Not long ago, Democrats had it all: the first African-American president sitting in the Oval Office, the first female Speaker of the House and even a filibuster-proof majority in the Senate. Four years later, the only remaining piece - the presidency - might be taken away from them.
"The road ahead will be long. Our climb will be steep. We may not get there in one year or even one term," President-Elect Barack Obama said on Nov. 4, 2008, in Chicago's Grant Park.
From an inherited economy that continues to sputter to pushing through a polarizing overhaul of health care, Obama's first four years in the White House have been politically difficult, and the incumbent is left with a rocky and very different path to a second term .
Democrats revelled in a protracted Republican presidential nominating contest this year that featured a parade of GOP characters, but the president's popularity is low and Democrats cannot focus the election solely on a candidate who once captured the imagination of a country. Instead, they prefer an election centered on the Republican challenger, in an attempt to lead independent voters in a select few swing states to conclude that former Massachusetts Gov. Mitt Romney is out of touch with the middle class.
"President Obama had a very ambitious agenda and it was the right thing to do to move the country forward," said Democratic consultant Tom McMahon, who was executive director of the Democratic National Committee in 2008.
But it wasn't easy to convert what may have been the best presidential campaign in modern history - armed with 13 million email addresses - into a tool for governing. And the president's legislative agenda - the 2009 stimulus law, the 2010 health care overhaul and the cap-and-trade climate change bill that never made it to the president's desk - stirred a sleeping Republican Party and a phalanx of conservative tea party activists concerned about any expansion of government.
More importantly, the president's handling of health care overhaul - and the efforts of Romney and the Republicans to use the issue against him - may neutralize one of the Democrats' typically most potent political weapons.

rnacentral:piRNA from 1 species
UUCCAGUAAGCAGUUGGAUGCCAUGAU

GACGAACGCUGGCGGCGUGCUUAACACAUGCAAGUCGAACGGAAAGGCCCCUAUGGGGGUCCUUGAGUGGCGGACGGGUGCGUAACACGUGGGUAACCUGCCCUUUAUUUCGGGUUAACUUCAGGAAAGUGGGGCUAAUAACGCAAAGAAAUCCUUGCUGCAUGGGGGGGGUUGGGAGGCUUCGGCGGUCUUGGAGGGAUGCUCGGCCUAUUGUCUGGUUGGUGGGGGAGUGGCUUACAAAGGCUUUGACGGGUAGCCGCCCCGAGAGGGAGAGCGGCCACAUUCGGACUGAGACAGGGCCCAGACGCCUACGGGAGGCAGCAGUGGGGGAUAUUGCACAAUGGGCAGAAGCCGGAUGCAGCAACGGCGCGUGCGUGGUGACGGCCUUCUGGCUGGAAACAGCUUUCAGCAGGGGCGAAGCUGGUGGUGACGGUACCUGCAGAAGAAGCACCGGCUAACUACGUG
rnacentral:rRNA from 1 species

"It has taken some of the air out of one of the mainstays that Democrats can fall back on," one Democratic strategist said of the president's hands-off approach to getting the health care law passed and of the idea that he waited too long to promote it after enactment.
And although Obama's campaign slogan is "Forward," he is leading the country at a time when a majority of Americans say the nation is headed off on the wrong track. In addition, the president's approval rating has fallen considerably from the first months of his administration. Then, the public approved of the job he was doing by a 2-to-1 margin and today the country is evenly divided on Obama's performance.
Tallying Electoral Votes
That raises the stakes for his re-election, and greatly alters the map.
In 2008, due to an abundance of resources, an electorate still upset with the outgoing president and a foundation of campaign volunteers left over from primary campaigns, Obama expanded the playing field of competitive states in presidential elections. He won the Democratic states, the traditional swing states and added victories in Indiana, North Carolina and Virginia, states that Republicans had carried in each of the previous seven elections.
But this year the race is reverting to a more traditional battlefield of eight true swing states and three states on the bubble that are therefore considered competitive.
The president's Electoral College aspirations probably start with 237 electoral votes including the reliably Democratic states plus the battlegrounds of Michigan and Pennsylvania, where both parties will spend money but the president has an advantage.
That means Obama will need 33 electoral votes out of eight remaining states: Colorado (9 electoral votes), Florida (29), Iowa (6), Nevada (6), New Hampshire (4), Ohio (18), Virginia (13) and Wisconsin (10) to get to 270. Winning Florida or Ohio would greatly improve the president's chances of getting re-elected but he could also win by running the table and securing the six smaller states. The 11th contested state - North Carolina - increasingly looks like a Romney win.
But not only has the map changed from four years ago, the entire frame of the election has as well. Obama is now an incumbent with a record to defend and he won't enjoy the same financial advantage - if any advantage at all - that he held over Arizona Sen. John McCain. With unemployment still above 8 percent nationally and an unsettled electorate, the incumbent is forced into a much different type of campaign this time around.
"In 2008, Obama's campaign was refreshing because it was about doing politics differently," McMahon said. "But inevitably every incumbent race ends up being a contrast between the incumbent and the challenger."